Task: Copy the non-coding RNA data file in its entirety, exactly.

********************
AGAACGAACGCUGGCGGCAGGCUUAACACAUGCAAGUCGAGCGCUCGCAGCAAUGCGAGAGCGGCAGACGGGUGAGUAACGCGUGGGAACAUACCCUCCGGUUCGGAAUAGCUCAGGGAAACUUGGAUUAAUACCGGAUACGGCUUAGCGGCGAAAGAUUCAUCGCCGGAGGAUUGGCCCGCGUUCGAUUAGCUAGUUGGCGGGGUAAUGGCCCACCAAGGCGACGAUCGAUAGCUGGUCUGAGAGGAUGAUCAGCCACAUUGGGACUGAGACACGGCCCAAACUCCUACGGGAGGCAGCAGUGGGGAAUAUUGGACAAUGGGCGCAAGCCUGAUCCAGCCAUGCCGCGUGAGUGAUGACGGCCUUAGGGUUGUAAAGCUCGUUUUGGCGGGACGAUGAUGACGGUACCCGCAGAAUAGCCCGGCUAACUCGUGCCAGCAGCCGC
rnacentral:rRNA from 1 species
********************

AGAACGAACGCUGGCGGCAGGCUUAACACAUGCAAGUCGAGCGCUCGCAGCAAUGCGAGAGCGGCAGACGGGUGAGUAACGCGUGGGAACAUACCCUCCGGUUCGGAAUAGCUCAGGGAAACUUGGAUUAAUACCGGAUACGGCUUAGCGGCGAAAGAUUCAUCGCCGGAGGAUUGGCCCGCGUUCGAUUAGCUAGUUGGCGGGGUAAUGGCCCACCAAGGCGACGAUCGAUAGCUGGUCUGAGAGGAUGAUCAGCCACAUUGGGACUGAGACACGGCCCAAACUCCUACGGGAGGCAGCAGUGGGGAAUAUUGGACAAUGGGCGCAAGCCUGAUCCAGCCAUGCCGCGUGAGUGAUGACGGCCUUAGGGUUGUAAAGCUCGUUUUGGCGGGACGAUGAUGACGGUACCCGCAGAAUAGCCCGGCUAACUCGUGCCAGCAGCCGC
rnacentral:rRNA from 1 species